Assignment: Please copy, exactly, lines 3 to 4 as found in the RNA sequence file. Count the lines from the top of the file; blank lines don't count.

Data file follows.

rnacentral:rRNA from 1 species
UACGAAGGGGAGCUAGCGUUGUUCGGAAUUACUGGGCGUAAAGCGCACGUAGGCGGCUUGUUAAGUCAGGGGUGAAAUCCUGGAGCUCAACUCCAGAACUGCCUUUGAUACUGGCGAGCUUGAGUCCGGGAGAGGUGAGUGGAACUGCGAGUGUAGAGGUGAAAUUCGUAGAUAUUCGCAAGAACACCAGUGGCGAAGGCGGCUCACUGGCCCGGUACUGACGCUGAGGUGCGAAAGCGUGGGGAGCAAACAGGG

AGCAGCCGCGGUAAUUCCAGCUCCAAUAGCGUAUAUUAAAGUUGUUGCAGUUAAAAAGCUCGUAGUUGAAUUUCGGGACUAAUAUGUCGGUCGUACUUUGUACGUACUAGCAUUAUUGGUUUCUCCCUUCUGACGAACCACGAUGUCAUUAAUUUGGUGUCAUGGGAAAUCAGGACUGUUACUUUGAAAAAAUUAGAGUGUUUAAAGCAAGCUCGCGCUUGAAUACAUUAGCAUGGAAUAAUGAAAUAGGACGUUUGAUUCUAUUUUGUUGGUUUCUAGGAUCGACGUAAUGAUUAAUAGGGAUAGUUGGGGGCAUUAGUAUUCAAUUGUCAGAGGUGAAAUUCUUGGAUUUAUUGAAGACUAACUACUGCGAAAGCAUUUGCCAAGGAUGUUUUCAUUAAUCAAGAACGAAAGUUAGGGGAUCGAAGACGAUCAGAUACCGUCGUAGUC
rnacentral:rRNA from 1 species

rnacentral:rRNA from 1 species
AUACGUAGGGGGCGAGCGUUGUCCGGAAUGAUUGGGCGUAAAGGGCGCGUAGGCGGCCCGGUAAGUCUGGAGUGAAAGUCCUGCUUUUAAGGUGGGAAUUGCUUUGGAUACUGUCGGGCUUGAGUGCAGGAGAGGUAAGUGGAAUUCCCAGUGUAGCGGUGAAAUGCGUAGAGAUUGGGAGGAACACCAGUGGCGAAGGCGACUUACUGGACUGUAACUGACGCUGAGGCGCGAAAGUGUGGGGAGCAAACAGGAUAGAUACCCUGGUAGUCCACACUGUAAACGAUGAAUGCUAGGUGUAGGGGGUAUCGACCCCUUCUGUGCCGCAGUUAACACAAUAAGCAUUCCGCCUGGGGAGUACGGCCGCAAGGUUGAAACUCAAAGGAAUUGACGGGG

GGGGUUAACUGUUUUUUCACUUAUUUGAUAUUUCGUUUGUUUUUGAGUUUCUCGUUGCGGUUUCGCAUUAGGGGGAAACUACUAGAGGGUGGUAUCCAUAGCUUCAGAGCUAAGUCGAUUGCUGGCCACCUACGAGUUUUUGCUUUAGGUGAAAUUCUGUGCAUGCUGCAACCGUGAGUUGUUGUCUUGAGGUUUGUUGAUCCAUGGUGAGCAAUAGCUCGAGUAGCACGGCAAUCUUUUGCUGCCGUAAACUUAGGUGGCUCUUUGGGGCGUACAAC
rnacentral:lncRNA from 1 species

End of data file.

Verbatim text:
AGCAGCCGCGGUAAUUCCAGCUCCAAUAGCGUAUAUUAAAGUUGUUGCAGUUAAAAAGCUCGUAGUUGAAUUUCGGGACUAAUAUGUCGGUCGUACUUUGUACGUACUAGCAUUAUUGGUUUCUCCCUUCUGACGAACCACGAUGUCAUUAAUUUGGUGUCAUGGGAAAUCAGGACUGUUACUUUGAAAAAAUUAGAGUGUUUAAAGCAAGCUCGCGCUUGAAUACAUUAGCAUGGAAUAAUGAAAUAGGACGUUUGAUUCUAUUUUGUUGGUUUCUAGGAUCGACGUAAUGAUUAAUAGGGAUAGUUGGGGGCAUUAGUAUUCAAUUGUCAGAGGUGAAAUUCUUGGAUUUAUUGAAGACUAACUACUGCGAAAGCAUUUGCCAAGGAUGUUUUCAUUAAUCAAGAACGAAAGUUAGGGGAUCGAAGACGAUCAGAUACCGUCGUAGUC
rnacentral:rRNA from 1 species